Method

Measures

The Campus Climate Survey[[11]] was developed from the Administrator-Researcher Campus Climate Consortium (ARC3) survey tool and was piloted to confirm the ARC3 was culturally appropriate for use in New Zealand. Participants were asked a range of questions about their perceptions of campus climate regarding misconduct; and experience of harms such as stalking victimisation; cyberbullying; dating and flatting violence. Results and analysis presented here are from the ARC3 Sexual Assault Victimisation module of the survey. In this module of the survey students were asked specifically about sexual harm experiences, including sexual harassment by faculty staff or student, attempted sexual contact without consent, “attempted sexual assault” and sexual contact without consent (with or without oral, anal or vaginal penetration) and “sexual assault” by any person (i.e., not limited to staff or student perpetrator). Participants were asked to report sexual harm experienced since enrolment at the university, that took place on or off campus, and either during semester or a university holiday break. Participants who reported experiencing some sort of sexual harm were then also asked “Did you tell anyone about the incident before this questionnaire?” and “Who did you tell?” Telling someone about the incident was considered help-seeking behaviour. The survey was distributed via email to all (approximately 20,000) university students studying, in person, at the main campus of one of the universities in New Zealand during 2019 (see Beres and colleagues for full methodology[[11]]).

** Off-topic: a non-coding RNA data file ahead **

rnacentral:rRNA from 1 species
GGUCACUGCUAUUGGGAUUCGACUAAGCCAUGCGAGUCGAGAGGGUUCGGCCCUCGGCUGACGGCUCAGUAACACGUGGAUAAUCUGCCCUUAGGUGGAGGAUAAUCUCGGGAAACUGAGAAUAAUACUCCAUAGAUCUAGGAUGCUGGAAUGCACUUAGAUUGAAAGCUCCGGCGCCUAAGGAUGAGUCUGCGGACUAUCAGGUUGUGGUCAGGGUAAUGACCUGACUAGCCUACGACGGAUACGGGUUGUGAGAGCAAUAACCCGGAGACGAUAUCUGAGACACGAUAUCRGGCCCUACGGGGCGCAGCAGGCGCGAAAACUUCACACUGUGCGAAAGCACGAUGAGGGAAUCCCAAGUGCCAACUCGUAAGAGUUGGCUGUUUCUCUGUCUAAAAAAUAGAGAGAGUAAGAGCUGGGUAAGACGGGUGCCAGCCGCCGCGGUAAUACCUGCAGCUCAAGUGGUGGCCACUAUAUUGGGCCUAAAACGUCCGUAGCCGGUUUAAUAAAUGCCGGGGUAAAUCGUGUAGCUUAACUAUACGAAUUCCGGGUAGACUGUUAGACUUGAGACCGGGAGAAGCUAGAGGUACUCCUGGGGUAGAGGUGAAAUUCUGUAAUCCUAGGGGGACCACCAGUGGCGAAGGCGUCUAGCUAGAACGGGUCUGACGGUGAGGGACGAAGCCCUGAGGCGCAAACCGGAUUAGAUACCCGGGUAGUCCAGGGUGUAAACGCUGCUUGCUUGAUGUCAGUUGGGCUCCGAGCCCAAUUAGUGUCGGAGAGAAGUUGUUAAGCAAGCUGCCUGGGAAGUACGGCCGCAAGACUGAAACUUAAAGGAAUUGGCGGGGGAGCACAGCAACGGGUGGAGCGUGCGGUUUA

Participants

A total sample of 1,540 (7.7%) valid survey respondents was recorded. For the purpose of this analysis participants who reported sexual harm (n=425, 28%) are included here for analysis. Sexual harm included sexual harassment by faculty staff or student, threatened or attempted sexual assault and sexual assault without consent by any person. The final sample of 425 participants who reported experience of sexual harm identified themselves as cisgender women (n=324; 76.2% of those experiencing sexual harm), cisgender men (n=97; 22.8%) or gender-diverse persons (n=4; 1.0%). Participants ranged in age from 18 to 72 years (M=22.03 years; SD=6.40; 83% of the sample were between 18 and 23 years). Participants identified as New Zealand European/Pākehā descent (n=306; 72.0%); Māori descent (n=45; 10.6%); Pacific Island descent (n=11; 2.6%); Asian descent (n=43; 10.1%); and other ethnicities (n=19; 4.5%). Participants were able to select multiple ethnic identities therefore totals for each ethnic group may exceed 100%.

Results

Type of sexual harm experience